Ponoiwi: An Installation by Kapulani Landgraf

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    Kapulani Landgraf. 'Ponoiwi,' 2012-13. Mixed media.

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    Kapulani Landgraf, kumu hula Vicky Holt Takamine and dancer Ku‘ulei Hazlewood at the opening reception for 'Ponoiwi,' September 2013.

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September 28, 2013 - January 19, 2014
Honolulu Museum of Art

Exhibition Overview

The Honolulu Museum of Art continues its new program of solo exhibitions by contemporary Hawai‘i artists with this installation by Kapulani Landgraf. Trained as a photographer, Landgraf is known for her images and installations that examine historical and contemporary issues and their impact on the culture of the Hawaiian people.

 “As a Native Hawaiian artist, my work is guided by my traditional Hawaiian values, language and culture,” says Landgraf. “I feel compelled to celebrate my Hawaiian culture, but also to express my feelings on the profound changes that have happened and continue to occur in Hawai‘i by ongoing Western intrusion and its impact on Hawaiian rights, values, and history. Although much of my work laments the violations on the Hawaiian people, land and natural resources, it also offers hope with allusions to the strength and resilience of Hawaiian land and its people.”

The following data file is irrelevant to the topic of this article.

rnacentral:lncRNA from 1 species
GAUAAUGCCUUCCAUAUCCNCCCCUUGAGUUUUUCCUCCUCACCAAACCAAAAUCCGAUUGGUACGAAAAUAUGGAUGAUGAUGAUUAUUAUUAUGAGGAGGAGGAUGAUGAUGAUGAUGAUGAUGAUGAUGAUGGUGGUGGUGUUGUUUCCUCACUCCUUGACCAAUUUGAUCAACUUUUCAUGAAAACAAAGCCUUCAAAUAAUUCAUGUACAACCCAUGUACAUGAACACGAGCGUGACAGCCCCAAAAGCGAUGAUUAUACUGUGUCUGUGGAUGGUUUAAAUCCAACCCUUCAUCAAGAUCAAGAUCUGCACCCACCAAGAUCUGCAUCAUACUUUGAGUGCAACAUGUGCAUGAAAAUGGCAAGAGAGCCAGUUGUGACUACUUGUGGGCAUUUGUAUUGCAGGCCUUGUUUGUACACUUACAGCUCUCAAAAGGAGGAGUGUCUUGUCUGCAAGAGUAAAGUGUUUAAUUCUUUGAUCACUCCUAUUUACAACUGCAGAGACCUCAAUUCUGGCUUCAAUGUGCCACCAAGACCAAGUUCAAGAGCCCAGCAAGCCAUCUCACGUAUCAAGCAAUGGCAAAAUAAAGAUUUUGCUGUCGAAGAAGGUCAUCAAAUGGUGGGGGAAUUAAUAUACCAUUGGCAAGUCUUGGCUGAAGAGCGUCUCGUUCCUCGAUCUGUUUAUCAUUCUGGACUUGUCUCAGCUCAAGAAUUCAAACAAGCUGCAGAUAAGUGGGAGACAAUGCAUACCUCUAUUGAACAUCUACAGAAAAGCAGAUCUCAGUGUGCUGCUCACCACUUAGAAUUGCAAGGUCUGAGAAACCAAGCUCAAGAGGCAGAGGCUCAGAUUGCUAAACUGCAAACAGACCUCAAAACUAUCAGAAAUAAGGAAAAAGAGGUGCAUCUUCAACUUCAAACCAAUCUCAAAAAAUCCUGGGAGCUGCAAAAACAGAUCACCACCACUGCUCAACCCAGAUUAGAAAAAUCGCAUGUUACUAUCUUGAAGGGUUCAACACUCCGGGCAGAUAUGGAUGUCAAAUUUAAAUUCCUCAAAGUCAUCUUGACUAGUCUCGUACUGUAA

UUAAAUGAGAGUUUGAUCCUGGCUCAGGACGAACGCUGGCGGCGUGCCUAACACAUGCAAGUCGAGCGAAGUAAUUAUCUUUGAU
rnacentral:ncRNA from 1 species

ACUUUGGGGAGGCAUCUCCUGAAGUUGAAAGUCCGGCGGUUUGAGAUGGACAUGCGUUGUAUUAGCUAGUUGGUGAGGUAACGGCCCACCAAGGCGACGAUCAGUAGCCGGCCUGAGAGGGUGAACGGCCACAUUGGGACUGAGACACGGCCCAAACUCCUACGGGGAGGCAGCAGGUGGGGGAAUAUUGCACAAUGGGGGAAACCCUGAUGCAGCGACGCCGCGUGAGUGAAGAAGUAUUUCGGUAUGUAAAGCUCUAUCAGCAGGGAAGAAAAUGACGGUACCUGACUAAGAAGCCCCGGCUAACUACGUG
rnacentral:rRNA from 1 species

Ponoiwi reveals the decades-long practice of taking sand from beaches statewide to be used in the construction industry, in particular the ongoing barging of sand from Maui dunes to O‘ahu for beach restoration and golf courses. As Landgraf notes in her exhibition statement, “Native Hawaiians buried the iwi (bones) of their ancestors within the sand dunes throughout Hawai‘i. They believed the mana of the person lived in the bones. Despite legislation providing a process for protecting Hawai‘i burials and the establishment of burial councils for each island, there is a continued pressure to develop Hawaiian āina (land) and Hawaiian iwi are constantly threatened.”

See the museum's blog for a Q+A with Kapulani Landgraf on Ponoiwi.